Kamesha Laurry is a legal fellow at the Reporters Committee for Freedom of the Press, a nonprofit legal services organization located in Washington, D.C. Before joining the Reporters Committee, she worked as a student attorney at the Wrongful Convictions of Youth Clinic and the Civil Rights Litigation Clinic. Kamesha also previously worked as a certified mediator, assisting parties in negotiating settlements to legal disputes.
Where is your work featured/what organizations are you affiliated with?
I am the first Borealis Racial Equity in Journalism Fund Legal Fellow at the Reporters Committee for Freedom of the Press — a nonprofit organization that provides free legal representation and other legal resources to protect First Amendment freedoms and the newsgathering rights of journalists. My fellowship is designed to support historically underserved journalists and communities by connecting journalists to the Reporters Committee’s legal resources.
Where did you go to school?
I am proud to say that I attended the illustrious Oakwood University, an HBCU located in Huntsville, Alabama. I graduated magna cum laude from Oakwood University in 2016 with a bachelor’s degree in Pre-law with a concentration in political science.
After graduation, I received my J.D. from Northwestern Pritzker School of Law, where I was an editor for the Northwestern Journal of Law and Social Policy.
How many years have you been in journalism/related fields?
My interest in journalism started in law school when I enrolled in Northwestern’s Entertainment Law class three years ago.
What are you doing now? (i.e. any projects you’re working on; partnerships; advancements; or noteworthy stories)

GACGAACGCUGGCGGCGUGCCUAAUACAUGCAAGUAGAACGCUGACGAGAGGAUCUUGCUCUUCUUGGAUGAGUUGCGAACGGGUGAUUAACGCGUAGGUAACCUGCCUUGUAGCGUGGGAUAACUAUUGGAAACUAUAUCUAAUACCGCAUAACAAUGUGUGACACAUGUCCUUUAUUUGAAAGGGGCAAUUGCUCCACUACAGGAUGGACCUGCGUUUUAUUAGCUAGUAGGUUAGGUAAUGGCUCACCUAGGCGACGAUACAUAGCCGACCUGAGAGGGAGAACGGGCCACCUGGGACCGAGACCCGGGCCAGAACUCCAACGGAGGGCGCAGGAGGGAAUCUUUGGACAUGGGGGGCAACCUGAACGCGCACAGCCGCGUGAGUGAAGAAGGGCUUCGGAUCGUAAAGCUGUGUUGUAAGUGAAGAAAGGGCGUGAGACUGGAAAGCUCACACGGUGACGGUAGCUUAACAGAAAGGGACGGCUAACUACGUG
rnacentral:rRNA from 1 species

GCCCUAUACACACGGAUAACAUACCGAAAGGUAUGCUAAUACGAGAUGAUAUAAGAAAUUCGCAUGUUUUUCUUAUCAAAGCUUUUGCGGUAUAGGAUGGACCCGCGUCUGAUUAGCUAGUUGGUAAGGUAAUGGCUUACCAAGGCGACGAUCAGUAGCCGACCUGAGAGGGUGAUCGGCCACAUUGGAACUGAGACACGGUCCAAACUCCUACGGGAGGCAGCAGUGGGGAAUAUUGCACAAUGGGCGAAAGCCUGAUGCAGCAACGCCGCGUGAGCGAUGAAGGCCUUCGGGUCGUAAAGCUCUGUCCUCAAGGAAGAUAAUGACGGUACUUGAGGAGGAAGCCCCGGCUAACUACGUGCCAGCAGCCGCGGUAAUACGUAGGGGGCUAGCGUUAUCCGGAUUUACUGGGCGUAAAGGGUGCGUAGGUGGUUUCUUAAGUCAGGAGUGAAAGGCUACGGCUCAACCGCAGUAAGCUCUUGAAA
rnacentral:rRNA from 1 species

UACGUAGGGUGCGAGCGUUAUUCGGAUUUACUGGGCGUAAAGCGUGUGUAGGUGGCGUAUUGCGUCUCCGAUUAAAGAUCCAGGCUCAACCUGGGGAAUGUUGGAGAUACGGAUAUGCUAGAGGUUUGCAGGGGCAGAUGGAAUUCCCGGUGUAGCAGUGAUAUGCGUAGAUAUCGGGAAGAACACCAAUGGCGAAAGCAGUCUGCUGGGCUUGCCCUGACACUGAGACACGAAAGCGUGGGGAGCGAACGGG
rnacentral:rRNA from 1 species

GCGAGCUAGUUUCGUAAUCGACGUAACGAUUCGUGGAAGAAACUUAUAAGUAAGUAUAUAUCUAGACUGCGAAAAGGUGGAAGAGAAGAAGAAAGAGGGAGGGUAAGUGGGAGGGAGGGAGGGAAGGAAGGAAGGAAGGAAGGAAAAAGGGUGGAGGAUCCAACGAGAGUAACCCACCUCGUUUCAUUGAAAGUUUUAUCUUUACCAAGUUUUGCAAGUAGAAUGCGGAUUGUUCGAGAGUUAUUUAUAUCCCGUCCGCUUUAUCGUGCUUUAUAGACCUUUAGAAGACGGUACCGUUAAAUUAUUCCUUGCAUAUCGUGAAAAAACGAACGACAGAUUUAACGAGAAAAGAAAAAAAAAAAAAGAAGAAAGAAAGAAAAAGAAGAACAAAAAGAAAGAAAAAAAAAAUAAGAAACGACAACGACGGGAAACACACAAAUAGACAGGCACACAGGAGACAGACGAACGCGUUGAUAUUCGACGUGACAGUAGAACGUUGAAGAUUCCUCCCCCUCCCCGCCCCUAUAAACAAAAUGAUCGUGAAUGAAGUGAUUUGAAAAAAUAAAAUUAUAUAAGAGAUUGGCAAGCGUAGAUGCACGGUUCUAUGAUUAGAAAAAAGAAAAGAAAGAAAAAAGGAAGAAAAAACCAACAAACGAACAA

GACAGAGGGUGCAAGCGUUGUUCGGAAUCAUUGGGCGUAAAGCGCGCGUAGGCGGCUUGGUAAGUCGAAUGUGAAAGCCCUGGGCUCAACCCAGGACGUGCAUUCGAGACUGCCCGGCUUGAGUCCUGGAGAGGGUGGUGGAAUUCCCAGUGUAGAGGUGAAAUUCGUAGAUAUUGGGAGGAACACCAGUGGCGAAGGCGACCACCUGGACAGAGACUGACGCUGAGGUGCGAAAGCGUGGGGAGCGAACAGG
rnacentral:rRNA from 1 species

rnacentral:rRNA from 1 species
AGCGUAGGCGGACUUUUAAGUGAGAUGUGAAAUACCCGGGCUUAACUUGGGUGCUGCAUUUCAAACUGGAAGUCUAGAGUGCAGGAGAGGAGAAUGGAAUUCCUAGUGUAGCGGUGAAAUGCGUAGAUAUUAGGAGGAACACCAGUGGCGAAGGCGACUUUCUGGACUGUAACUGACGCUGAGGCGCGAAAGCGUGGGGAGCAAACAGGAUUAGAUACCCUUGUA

My job is to identify and support journalists of color and news media outlets led by people of color. Therefore, a bulk of my fellowship involves reaching out to and partnering with various organizations to make sure journalists of color are receiving necessary representation and resources.
So far, I have successfully hosted a wide variety of journalism legal trainings and webinars, provided pre-publication review to a number of journalists and documentary filmmakers, crafted demand letters for access to governor press briefings, created citizen journalism guides for respective media outlets, wrote amicus briefs and so much more.
What pushes you to keep doing the work?
It’s surprising to learn that many journalists don’t know that they are in need of legal assistance. And even when they are aware, they often don’t know who to turn to for support.
We have received a tremendous amount of positive feedback from BIPOC journalists and newsrooms. This is encouraging because it shows that BIPOC journalists and news organizations are receptive to receiving assistance from the Reporters Committee and other organizations who are dedicated to protecting the First Amendment freedoms and the newsgathering rights of BIPOC journalists. And as long as they are seeking the Reporters Committee’s help, we’ll be here to support them.